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In addition Pip sees Joe as his equal "I always treated him as a larger species of child and as no more than my equal". Pip feels as if Joe is the only one who cares for him and he feels like he can trust Joe. He also looks up to Joe as he is the only manly figure that Pip aspires to be. Although Joe is the only one that seems to care for Pip, he does not play an important role in society or in the Gargery household as Mrs.
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The predicted mass of CuO is 0.72g. The second hypothesis is the theoretical yield of copper from the second reaction. As demonstrated below - Materials and Equipment: (From Handout) 1.00g Cu2(OH)2CO3 copper(II) carbonate basic 0.50g C carbon black ring stand with ring clamp and clay triangle crucible and lid crucible tongs 2 weigh boats glass stir rod metal spatula gas burner and hose igniter 50 ml beaker hot plate Procedure (from handout) Part 1 1. Mount an iron ring on a ring stand, equip with a clay triangle and obtain a Bunsen burner, crucible and cover.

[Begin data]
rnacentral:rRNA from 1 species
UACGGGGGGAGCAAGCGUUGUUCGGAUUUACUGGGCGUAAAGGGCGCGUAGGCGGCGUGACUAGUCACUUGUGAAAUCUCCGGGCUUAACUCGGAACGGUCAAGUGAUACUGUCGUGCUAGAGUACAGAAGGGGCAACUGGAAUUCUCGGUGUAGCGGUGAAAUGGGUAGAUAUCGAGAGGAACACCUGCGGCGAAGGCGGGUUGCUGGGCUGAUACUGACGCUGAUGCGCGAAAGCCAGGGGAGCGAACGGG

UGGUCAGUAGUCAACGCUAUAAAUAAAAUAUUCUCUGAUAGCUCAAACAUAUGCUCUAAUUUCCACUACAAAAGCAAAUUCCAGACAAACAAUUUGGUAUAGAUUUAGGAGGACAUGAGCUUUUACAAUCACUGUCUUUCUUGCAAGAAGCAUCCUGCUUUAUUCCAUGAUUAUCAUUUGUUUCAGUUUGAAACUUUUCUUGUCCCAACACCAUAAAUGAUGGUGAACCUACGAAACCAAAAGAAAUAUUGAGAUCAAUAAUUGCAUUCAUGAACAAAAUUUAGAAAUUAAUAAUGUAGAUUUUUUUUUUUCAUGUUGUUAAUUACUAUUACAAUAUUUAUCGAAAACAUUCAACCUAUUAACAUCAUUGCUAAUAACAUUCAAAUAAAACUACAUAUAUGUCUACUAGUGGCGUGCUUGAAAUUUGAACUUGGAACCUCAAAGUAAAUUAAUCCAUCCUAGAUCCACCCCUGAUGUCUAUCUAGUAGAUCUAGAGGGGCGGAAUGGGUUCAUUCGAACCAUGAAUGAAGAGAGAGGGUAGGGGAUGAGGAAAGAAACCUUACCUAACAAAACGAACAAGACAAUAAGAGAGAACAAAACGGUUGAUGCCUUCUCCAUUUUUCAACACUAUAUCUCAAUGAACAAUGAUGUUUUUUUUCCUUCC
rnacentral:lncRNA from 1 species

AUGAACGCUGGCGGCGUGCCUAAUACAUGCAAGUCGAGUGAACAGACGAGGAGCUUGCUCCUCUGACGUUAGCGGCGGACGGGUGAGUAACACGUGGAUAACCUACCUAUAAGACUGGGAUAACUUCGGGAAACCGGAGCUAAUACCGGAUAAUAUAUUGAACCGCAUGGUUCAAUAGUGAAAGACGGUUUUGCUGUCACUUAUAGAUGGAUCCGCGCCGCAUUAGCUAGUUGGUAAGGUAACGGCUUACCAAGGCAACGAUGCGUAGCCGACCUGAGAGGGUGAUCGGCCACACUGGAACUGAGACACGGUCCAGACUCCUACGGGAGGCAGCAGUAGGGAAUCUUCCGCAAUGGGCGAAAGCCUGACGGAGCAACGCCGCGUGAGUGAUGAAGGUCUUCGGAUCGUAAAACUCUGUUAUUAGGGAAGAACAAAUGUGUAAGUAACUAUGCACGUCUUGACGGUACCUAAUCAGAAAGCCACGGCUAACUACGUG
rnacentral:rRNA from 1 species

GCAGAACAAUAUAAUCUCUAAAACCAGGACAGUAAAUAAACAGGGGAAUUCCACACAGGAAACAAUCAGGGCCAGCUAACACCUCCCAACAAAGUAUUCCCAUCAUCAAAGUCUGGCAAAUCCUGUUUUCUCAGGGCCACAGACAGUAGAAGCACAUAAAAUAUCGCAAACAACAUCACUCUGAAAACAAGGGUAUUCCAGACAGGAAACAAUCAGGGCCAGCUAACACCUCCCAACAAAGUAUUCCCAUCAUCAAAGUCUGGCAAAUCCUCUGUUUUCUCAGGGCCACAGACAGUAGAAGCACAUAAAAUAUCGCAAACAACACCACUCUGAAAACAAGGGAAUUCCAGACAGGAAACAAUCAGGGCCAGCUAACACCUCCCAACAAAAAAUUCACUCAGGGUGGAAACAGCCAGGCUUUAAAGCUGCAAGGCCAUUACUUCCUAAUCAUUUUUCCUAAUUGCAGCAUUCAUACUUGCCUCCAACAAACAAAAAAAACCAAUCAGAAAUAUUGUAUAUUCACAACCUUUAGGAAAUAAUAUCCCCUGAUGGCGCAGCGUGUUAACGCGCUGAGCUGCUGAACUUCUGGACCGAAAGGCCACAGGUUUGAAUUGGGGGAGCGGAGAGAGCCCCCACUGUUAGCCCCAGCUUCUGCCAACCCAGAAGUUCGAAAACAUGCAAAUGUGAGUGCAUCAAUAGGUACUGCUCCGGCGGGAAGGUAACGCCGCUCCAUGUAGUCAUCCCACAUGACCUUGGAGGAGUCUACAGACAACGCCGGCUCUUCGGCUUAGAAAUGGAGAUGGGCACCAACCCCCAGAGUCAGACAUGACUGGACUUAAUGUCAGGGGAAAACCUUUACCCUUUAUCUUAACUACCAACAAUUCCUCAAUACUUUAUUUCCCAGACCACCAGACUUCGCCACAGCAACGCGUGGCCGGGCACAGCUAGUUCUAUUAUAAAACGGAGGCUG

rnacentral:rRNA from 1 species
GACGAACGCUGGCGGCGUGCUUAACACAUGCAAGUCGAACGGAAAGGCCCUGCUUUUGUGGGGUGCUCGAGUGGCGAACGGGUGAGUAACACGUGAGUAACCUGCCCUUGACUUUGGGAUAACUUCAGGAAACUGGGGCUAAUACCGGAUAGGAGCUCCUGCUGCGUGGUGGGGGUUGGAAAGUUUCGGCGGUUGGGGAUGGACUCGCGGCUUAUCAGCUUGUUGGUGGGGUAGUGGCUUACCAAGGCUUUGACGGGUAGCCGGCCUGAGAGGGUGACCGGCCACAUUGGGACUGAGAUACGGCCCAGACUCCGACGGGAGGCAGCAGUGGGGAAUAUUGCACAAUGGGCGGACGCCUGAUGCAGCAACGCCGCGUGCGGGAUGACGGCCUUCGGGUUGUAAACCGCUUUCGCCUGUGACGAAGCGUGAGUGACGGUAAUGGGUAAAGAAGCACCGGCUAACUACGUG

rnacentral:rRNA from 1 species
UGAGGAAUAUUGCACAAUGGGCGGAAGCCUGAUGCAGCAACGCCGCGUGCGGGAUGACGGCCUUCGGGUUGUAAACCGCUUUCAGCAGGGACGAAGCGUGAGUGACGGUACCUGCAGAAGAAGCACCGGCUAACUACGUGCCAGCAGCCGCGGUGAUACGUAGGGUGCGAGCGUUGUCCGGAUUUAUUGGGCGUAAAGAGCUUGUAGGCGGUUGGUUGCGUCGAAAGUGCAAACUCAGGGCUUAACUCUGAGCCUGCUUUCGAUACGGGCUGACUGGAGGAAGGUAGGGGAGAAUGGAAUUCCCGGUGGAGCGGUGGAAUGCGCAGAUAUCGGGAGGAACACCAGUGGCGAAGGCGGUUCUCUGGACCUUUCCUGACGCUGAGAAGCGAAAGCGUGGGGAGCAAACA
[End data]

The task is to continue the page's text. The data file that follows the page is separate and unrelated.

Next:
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Results & Calculations Time (s) / Temperature ( ) Reaction 1 Reaction 2 Reaction 3 Reaction 4 Reaction 5 Reaction 6 0 24.8 24.0 24.5 23.8 24.2 24.0 5 31.0 31.5 30.0 32.0 44.0 35.0 10 34.5 34.5 33.0 35.0 50.0 36.5 15 35.5 35.5 33.5 36.0 53.0 37.0 20 36.0 35.8 34.0 36.2 53.5 37.0 25 36.2 35.8 34.0 36.5 53.5 37.0 30 36.2 36.0 34.0 36.5 53.5 37.0 35 36.2 36.0 34.0 36.5 53.2 37.0 40 36.2 36.0 34.0 36.2 53.0 37.0 45 36.2 36.0 34.0 36.2 53.0 37.0 50 36.2 35.8 34.0 36.2 53.0 36.8 55 36.0 35.8 34.0 36.0 52.8 36.8 60 36.0 35.8 34.0